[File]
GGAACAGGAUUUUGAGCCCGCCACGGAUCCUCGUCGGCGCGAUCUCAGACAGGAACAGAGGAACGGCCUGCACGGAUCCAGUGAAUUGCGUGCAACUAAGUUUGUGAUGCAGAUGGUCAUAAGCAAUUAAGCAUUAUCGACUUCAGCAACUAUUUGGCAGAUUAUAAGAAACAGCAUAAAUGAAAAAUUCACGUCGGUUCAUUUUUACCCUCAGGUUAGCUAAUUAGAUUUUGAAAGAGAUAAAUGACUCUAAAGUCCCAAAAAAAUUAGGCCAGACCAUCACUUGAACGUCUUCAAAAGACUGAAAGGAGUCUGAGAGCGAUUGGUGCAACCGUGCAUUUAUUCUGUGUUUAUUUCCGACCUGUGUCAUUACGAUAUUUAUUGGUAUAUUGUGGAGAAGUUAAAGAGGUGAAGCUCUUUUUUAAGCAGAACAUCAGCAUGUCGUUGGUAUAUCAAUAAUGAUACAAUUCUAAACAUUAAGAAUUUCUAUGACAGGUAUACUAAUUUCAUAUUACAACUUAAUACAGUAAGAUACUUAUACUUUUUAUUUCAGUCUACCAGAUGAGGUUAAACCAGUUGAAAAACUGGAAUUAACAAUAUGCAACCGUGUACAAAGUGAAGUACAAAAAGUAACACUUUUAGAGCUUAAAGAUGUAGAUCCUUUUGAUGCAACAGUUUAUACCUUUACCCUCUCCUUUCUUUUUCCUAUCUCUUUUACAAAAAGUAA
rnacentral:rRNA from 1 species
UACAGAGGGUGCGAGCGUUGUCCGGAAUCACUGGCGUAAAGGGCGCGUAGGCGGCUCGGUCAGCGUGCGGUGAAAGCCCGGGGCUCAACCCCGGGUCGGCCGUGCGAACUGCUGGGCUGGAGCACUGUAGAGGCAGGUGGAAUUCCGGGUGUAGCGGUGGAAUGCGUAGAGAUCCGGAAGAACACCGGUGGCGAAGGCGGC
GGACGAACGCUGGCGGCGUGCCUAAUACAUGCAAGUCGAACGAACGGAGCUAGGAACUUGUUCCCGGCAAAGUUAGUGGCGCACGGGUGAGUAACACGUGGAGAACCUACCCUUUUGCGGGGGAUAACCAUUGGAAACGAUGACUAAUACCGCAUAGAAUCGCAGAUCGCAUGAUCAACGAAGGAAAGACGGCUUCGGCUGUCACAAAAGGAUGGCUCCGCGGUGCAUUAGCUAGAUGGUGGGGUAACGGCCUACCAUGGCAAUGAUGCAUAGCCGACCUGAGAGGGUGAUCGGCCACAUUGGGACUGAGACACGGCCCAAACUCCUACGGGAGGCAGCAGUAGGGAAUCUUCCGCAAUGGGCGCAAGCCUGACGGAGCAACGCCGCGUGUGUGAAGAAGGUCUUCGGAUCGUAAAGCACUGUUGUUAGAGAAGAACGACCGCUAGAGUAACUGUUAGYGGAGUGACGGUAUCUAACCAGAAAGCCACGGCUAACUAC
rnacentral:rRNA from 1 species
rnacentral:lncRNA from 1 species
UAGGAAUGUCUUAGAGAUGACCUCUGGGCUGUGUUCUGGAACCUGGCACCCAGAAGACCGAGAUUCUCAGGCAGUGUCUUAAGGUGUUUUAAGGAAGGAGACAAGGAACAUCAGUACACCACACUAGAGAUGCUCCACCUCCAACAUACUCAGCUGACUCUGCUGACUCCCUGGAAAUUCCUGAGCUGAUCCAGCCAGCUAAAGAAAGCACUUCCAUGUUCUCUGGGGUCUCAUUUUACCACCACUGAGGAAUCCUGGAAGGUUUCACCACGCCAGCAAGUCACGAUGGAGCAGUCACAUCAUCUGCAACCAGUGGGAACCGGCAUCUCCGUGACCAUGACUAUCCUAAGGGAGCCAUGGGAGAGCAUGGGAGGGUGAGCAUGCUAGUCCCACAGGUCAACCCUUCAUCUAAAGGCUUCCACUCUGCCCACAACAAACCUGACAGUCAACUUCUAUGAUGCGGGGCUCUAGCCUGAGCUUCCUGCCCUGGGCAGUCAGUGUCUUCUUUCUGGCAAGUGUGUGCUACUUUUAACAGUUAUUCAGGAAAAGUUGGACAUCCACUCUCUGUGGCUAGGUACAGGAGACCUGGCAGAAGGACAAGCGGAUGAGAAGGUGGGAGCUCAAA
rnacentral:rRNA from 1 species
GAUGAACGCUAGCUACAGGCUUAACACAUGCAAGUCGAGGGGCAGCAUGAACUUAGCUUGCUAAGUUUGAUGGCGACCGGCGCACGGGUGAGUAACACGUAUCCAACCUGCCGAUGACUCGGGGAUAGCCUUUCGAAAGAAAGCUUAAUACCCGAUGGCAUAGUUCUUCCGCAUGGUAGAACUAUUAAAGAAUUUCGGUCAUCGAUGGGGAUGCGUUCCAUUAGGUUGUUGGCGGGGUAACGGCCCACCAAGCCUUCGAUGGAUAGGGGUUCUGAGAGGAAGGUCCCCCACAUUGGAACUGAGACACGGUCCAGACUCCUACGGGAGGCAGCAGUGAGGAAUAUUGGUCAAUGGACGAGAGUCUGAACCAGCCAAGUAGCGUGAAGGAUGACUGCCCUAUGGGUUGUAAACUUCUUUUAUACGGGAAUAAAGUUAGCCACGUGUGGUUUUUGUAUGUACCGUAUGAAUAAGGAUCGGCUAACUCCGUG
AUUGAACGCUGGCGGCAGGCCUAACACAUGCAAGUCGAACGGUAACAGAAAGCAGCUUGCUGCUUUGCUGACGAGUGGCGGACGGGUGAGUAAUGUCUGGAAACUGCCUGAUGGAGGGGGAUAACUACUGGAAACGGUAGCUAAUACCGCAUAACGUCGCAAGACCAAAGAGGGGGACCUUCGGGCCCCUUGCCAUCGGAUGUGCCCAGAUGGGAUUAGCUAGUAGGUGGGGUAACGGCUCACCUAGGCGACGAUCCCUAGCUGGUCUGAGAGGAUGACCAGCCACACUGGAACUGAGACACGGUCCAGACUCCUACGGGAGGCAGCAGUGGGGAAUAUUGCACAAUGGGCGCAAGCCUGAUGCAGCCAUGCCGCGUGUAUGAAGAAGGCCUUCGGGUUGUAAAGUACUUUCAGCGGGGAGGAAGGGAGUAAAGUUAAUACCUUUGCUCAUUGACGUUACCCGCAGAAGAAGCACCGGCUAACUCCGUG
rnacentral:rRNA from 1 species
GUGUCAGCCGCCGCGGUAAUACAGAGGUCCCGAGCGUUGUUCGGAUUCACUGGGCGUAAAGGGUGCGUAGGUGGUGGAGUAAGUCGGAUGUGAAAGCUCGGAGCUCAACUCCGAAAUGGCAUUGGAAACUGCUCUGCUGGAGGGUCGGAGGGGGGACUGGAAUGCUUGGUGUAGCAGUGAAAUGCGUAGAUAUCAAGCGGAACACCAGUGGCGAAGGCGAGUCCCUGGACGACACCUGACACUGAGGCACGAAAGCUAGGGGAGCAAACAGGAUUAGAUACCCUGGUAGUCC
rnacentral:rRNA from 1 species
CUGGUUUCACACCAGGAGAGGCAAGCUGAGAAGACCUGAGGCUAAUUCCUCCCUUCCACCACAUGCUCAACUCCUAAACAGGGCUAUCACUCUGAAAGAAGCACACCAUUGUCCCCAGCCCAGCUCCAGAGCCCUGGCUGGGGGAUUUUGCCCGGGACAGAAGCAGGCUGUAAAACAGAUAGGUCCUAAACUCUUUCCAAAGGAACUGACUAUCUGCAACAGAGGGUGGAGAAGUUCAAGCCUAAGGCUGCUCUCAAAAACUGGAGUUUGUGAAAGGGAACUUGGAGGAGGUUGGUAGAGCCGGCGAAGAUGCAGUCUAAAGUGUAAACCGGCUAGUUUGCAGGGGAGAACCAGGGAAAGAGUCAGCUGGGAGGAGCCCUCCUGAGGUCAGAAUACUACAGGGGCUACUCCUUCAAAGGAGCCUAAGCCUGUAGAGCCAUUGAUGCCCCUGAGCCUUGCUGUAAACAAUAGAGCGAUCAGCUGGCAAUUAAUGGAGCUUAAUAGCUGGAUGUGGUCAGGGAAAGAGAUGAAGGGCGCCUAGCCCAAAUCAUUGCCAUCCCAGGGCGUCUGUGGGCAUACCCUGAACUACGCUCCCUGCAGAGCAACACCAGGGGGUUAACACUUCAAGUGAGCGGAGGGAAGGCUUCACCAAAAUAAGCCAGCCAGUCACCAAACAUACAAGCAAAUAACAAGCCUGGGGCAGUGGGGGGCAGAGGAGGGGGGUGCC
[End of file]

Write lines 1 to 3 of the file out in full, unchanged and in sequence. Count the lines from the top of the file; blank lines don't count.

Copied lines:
GGAACAGGAUUUUGAGCCCGCCACGGAUCCUCGUCGGCGCGAUCUCAGACAGGAACAGAGGAACGGCCUGCACGGAUCCAGUGAAUUGCGUGCAACUAAGUUUGUGAUGCAGAUGGUCAUAAGCAAUUAAGCAUUAUCGACUUCAGCAACUAUUUGGCAGAUUAUAAGAAACAGCAUAAAUGAAAAAUUCACGUCGGUUCAUUUUUACCCUCAGGUUAGCUAAUUAGAUUUUGAAAGAGAUAAAUGACUCUAAAGUCCCAAAAAAAUUAGGCCAGACCAUCACUUGAACGUCUUCAAAAGACUGAAAGGAGUCUGAGAGCGAUUGGUGCAACCGUGCAUUUAUUCUGUGUUUAUUUCCGACCUGUGUCAUUACGAUAUUUAUUGGUAUAUUGUGGAGAAGUUAAAGAGGUGAAGCUCUUUUUUAAGCAGAACAUCAGCAUGUCGUUGGUAUAUCAAUAAUGAUACAAUUCUAAACAUUAAGAAUUUCUAUGACAGGUAUACUAAUUUCAUAUUACAACUUAAUACAGUAAGAUACUUAUACUUUUUAUUUCAGUCUACCAGAUGAGGUUAAACCAGUUGAAAAACUGGAAUUAACAAUAUGCAACCGUGUACAAAGUGAAGUACAAAAAGUAACACUUUUAGAGCUUAAAGAUGUAGAUCCUUUUGAUGCAACAGUUUAUACCUUUACCCUCUCCUUUCUUUUUCCUAUCUCUUUUACAAAAAGUAA
rnacentral:rRNA from 1 species
UACAGAGGGUGCGAGCGUUGUCCGGAAUCACUGGCGUAAAGGGCGCGUAGGCGGCUCGGUCAGCGUGCGGUGAAAGCCCGGGGCUCAACCCCGGGUCGGCCGUGCGAACUGCUGGGCUGGAGCACUGUAGAGGCAGGUGGAAUUCCGGGUGUAGCGGUGGAAUGCGUAGAGAUCCGGAAGAACACCGGUGGCGAAGGCGGC